With scorching weather just around the corner, most people are gearing up for fun times at the beach with the BBQ. But summer also means bushfire season, and it’s a serious danger for our arid country.
Today we’ll share some important information about how bushfires spread and why you should prepare your property for a fire hazard. We’ll continue next week with tips for planning a fireproof garden and the best ways to go about it.
How does a bushfire work?
There are three main ways that houses are destroyed by fire:
- Flame contact: any direct contact with the flame
- Radiant heat: heat created from the warmth of the fire that can melt and destroy property
- Ember attack: when small burning vegetation is carried by wind and ignites smaller fires
The wind is a dangerous factor during a fire, as it spreads the damage, causes trees to collapse, and threaten the foundations of your property. This makes it easier for fire to spread.
Why should you fireproof your garden?
Most of us like to think that a bushfire wouldn’t strike our area. We hear news stories about nearby fires and scorched zones but somehow believe we’re safe. But it’s a serious danger that needs a serious response.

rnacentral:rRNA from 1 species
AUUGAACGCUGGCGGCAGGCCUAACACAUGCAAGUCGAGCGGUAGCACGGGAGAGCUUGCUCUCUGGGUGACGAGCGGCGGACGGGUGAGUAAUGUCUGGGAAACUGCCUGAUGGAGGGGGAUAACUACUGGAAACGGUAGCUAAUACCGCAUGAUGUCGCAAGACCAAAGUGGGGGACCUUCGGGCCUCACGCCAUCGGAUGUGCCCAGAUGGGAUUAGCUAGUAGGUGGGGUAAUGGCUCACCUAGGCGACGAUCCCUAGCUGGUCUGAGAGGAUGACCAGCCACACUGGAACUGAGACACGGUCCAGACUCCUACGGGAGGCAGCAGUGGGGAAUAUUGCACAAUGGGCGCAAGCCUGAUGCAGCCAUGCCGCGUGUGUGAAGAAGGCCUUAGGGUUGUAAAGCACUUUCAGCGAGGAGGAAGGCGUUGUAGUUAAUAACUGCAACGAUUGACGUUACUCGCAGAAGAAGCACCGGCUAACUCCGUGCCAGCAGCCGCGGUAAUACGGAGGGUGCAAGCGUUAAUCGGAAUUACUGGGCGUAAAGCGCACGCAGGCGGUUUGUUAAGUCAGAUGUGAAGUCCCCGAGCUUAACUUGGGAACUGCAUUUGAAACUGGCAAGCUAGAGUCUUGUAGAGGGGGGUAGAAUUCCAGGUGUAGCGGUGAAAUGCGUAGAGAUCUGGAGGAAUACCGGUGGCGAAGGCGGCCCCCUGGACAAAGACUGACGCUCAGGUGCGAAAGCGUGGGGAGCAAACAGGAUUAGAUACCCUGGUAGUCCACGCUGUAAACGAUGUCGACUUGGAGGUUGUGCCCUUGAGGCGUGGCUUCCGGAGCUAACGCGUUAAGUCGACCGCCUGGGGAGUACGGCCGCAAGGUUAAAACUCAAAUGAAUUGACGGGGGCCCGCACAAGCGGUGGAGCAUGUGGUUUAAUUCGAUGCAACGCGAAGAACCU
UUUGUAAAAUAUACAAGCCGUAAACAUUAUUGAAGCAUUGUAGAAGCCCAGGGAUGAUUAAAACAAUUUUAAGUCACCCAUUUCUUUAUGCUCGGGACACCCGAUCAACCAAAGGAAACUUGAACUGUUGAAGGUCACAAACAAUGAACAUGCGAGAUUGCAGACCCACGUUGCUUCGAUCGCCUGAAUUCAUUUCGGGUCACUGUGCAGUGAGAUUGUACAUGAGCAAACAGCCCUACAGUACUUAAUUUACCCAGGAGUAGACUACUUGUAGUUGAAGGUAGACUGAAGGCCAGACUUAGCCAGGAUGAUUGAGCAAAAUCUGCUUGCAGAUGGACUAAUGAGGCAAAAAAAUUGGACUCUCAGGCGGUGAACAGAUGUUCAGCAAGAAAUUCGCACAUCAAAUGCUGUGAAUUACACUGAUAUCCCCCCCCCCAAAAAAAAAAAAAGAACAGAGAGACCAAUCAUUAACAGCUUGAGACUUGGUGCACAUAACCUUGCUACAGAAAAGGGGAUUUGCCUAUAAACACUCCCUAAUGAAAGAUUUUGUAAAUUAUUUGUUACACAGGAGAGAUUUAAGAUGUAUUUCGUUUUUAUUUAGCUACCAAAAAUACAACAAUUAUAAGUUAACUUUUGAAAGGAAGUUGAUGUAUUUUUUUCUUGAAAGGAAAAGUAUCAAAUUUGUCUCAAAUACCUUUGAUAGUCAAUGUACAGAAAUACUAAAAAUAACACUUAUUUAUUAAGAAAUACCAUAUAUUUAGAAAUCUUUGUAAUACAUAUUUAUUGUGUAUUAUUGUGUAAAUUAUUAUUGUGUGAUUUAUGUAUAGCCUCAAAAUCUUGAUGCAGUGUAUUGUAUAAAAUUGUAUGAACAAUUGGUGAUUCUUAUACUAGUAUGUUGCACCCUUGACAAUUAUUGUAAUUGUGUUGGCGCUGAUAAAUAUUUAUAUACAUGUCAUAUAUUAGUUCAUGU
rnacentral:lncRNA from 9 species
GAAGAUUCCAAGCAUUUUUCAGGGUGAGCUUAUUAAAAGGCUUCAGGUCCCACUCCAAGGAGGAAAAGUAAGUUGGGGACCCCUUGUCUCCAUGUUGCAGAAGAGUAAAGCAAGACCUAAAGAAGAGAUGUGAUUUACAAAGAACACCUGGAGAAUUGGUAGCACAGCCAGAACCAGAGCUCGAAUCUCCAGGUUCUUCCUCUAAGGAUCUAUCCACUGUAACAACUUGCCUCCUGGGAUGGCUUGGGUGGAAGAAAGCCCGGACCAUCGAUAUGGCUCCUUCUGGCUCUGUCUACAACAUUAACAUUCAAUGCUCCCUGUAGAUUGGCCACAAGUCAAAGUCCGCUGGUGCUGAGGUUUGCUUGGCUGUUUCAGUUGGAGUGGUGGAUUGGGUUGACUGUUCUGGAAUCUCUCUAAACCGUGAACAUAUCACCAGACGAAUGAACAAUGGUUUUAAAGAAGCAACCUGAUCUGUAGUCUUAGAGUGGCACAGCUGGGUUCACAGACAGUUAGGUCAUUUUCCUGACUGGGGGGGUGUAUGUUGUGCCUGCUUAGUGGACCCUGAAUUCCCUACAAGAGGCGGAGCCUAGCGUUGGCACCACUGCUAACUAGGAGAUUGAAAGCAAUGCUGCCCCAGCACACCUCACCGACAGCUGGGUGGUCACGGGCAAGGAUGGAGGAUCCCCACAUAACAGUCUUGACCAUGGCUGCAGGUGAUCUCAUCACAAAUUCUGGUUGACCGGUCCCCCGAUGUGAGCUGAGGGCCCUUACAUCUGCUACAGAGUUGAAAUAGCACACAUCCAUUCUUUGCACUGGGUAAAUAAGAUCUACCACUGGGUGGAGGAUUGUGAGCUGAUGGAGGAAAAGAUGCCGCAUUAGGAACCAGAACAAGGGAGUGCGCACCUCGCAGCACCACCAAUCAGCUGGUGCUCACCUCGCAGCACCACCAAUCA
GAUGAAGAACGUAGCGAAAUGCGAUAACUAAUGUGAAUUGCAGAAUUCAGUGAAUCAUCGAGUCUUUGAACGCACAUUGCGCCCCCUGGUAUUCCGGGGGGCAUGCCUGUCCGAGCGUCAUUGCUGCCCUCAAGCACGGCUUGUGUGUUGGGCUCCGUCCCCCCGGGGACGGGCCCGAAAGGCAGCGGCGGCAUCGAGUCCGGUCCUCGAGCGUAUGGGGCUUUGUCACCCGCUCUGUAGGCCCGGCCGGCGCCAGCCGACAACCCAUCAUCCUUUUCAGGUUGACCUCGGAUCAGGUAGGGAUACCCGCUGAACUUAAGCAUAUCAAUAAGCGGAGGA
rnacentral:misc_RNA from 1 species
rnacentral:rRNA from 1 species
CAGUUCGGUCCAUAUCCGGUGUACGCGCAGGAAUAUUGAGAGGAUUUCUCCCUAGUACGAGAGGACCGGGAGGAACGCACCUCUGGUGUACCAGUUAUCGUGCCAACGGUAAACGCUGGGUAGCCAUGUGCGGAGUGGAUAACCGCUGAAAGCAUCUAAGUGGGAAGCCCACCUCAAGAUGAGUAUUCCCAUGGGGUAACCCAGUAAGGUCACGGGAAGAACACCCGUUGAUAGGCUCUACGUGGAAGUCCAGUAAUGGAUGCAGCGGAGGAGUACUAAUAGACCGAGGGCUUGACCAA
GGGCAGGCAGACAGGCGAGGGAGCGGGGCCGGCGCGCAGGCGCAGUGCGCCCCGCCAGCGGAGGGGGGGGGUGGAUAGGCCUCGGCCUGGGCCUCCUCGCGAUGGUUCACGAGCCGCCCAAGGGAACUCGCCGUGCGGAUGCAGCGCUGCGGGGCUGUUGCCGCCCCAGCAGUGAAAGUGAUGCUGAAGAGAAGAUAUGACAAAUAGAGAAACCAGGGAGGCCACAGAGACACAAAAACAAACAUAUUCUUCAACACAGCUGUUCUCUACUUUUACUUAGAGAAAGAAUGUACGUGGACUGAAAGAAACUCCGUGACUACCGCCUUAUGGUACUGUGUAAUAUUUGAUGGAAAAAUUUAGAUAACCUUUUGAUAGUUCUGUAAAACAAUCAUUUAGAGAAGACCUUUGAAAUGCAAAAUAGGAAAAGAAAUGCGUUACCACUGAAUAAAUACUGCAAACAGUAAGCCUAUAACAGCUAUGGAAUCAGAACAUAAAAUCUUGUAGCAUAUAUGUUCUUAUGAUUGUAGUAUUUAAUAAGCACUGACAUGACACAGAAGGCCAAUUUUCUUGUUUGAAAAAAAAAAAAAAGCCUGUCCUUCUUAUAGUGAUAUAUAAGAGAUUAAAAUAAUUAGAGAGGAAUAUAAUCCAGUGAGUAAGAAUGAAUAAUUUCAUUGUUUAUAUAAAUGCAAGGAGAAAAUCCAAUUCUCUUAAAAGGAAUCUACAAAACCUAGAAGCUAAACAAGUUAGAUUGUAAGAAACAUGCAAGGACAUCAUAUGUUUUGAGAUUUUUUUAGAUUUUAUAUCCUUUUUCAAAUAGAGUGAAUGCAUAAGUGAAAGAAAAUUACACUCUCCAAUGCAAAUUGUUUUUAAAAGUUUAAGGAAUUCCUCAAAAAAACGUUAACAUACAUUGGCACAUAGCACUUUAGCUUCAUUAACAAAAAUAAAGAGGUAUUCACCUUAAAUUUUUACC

Gardens are especially at risk as vegetation in a bad location or with high flammability can catch on fire quicker and spread to your property. With over 90% of Western Australian land being bushfire prone, fires can strike regional and urban areas alike. WA experiences an average 5 500 fires every year.
And as temperatures continue to rise this year, it’s important to take action to stay safe this season.
Luckily, it only takes some small adjustments and smart planning to ensure your house and garden is safe, not only this summer, but for the years to come. It’s best to start early so you can rest easy in the holiday months!
Make sure you don’t take the risk.
Stay tuned for next week where we’ll cover planning tips for a safe garden, how to create a defendable space around your property, and the best ideas and vegetation to fill your space with.